Tydens die Anglo-Boereoorlog (1899-1902) is onderrig in beide skooltjies gestaak, maar na die oorlog in 1903 was Skeerpoort se “Ondervoorskool” waarvan die gebou afgebrand is, die eerste skool in die Transvaal wat met ‘n tentskool geopen het. Naby die plek waar die skool vandag staan is twee groot markiestente opgeslaan en miss M J Hay was “Head Mistress”. Sy was van Nieuw-Zeeland en het in Durban in die konsentrasiekamp begin skoolhou. Na die oorlog word sy en ‘n miss Ladley met ‘n Rooikruis-wa na Skeerpoort gestuur om die kinders te probeer verengels volgens die Milner-beleid. Na hulle het nog ander engelstalige onderwyseresse, o. a. Dobson en Devenish gevolg maar die kinders wou nie verengels nie. Miss Ladley het met ‘n plaaslike inwoner, Piet Joubert, getrou en is nooit weer terug na Nieuw-Zeeland nie. Sy het egter ook nooit leer Afrikaans praat nie!

 

Die tentskool van 1903.                                                         The 1903 tent school.

 

Intussen het die Afrikaners oor die hele land as ‘n teenvoeter vir die engelstalige goewermentskole die sogenaamde Christelike Nasionale Onderwys of CNO-skole gestig waarvan daar in Skeerpoort ook een was in die plek van die “Bovoorskool”. Mettertyd het die regering ingesien dat die verengelsing net op weerstand en konfrontasie afstuur en daar is dus afgesien van die beleid. Hierdeur is die samewerking van die CNO-skole gekry en het hulle met die Goewermentskole saamgesmelt. Dit het ook in Skeerpoort gebeur: “..this school has agreed to work together as one Committee and there seems to be every probability that within short time a new school will be built large enough for all children on the farm.” Let wel, Skeerpoort was nog nie as ‘n dorp gesien nie maar as ‘n plaas. Mnre Joubert en Horn het ‘n stuk grond geskenk vir die nuwe skool. In 1907 is die tentskool deur ‘n sinkgebou vervang en die twee skole het saamgesmelt. Die hoof was ‘n Afrikaanssprekende, ene Botha.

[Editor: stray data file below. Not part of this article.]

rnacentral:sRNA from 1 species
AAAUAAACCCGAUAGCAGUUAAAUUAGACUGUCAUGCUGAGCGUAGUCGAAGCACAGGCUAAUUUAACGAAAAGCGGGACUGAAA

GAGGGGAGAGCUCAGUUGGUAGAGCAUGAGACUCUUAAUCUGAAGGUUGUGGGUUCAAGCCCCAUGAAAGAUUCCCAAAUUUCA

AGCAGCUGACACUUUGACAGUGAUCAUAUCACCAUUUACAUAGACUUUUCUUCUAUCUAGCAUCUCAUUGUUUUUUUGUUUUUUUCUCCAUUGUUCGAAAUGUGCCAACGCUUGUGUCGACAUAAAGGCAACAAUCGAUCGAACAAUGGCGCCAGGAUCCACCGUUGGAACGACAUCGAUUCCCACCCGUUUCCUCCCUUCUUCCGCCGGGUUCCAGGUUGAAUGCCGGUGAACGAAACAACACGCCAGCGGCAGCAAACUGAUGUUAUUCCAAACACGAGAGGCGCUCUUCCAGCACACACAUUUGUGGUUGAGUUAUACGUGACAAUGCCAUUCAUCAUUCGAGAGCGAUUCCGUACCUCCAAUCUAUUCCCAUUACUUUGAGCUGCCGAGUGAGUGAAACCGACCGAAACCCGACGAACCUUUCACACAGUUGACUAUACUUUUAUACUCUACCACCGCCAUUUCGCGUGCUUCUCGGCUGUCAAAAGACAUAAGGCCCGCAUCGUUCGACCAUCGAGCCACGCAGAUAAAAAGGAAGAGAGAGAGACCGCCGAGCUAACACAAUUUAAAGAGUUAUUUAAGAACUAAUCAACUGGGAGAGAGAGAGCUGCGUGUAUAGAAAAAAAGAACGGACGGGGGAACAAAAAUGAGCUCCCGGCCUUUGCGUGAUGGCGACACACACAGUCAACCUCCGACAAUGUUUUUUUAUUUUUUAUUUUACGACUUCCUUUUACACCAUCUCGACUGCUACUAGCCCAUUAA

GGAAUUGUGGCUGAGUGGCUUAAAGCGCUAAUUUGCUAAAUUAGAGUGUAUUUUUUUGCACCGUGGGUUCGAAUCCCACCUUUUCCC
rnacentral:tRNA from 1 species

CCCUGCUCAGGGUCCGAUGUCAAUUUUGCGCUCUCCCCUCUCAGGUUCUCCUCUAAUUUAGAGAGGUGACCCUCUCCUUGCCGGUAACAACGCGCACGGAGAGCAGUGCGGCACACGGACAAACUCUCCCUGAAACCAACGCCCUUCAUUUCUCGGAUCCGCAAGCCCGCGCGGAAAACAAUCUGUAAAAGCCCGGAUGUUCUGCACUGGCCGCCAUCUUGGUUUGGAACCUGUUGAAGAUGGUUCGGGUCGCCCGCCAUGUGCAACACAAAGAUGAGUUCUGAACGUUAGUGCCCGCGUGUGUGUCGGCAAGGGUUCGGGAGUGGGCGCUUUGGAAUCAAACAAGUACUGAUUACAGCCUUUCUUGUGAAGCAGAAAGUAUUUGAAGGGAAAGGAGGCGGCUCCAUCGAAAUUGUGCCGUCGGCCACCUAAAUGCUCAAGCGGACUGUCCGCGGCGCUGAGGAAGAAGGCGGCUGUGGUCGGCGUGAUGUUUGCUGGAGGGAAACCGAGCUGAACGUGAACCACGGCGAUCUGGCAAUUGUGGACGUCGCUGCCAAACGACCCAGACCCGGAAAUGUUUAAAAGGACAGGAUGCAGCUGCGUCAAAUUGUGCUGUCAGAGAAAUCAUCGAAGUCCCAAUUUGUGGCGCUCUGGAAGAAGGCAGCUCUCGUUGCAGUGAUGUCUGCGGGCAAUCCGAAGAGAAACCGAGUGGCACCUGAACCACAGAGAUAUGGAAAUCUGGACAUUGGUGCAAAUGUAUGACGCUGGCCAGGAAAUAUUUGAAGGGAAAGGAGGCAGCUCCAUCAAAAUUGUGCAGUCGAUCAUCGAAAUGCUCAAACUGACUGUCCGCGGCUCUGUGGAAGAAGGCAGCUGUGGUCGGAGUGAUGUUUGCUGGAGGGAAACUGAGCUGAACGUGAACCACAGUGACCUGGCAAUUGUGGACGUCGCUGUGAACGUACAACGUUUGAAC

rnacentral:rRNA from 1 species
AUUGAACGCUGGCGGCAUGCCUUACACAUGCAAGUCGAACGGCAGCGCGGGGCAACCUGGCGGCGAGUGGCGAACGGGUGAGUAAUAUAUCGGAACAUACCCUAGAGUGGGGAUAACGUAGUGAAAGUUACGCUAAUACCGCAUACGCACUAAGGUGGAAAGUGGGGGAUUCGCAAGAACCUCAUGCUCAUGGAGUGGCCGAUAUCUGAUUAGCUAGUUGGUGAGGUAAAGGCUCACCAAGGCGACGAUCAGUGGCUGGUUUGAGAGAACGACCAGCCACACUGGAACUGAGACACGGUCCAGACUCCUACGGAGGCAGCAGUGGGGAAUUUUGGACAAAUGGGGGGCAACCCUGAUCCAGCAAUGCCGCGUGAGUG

Met Uniewording in 1910 word mnr Mazijk hoof en mej Bothma begin met ‘n losieshuis in die sinkgeboutjie. Vanaf 1911 word Engels in die skooljoernaal deur Hollands vervang, dus ‘n stap agteruit wat Milner se beleid betref. In daardie jare het boere, en dit was feitlik die hele gemeenskap van Skeerpoort, gereeld Juniemaand na die bosveld getrek vir winterweiding en jag. Dan keer hulle eers so teen Augustus terug. Dit het natuurlik die skoolbesoek belemmer en die onderwysers het baie daaroor gekla. In 1912 het waterpokkies uitgebreek wat die skool feitlik lamgelê het. Daar was ‘n poging om Remhoogte se skool in 1912 te laat saamsmelt maar die ouers wou nie saamwerk nie weens die lang afstande. Net ‘n paar leerlinge het wel vanaf Remhoogte by Skeerpoort aansluit.

 

In 1914 staan daar in die joernaal: ”De school heden bezocht door Hare Excellentie, Lady Buxton, Miss Buxton en mnr Adamson, de Direkteur van Onderwijs. De heer Adamson geeft de kinderen vakantie op 20 Oktober 1914.”  Die rebellie breek ook in 1914 uit en die skoolhoof rapporteer: “Burgermagten zijn in die nabijheid…Vele vaders van skoolgaande kinderen hebben zich aangesloten by Gnl Beyers. Dientengevolgen worden kinderen behouden om veldarbeid te verrichten.”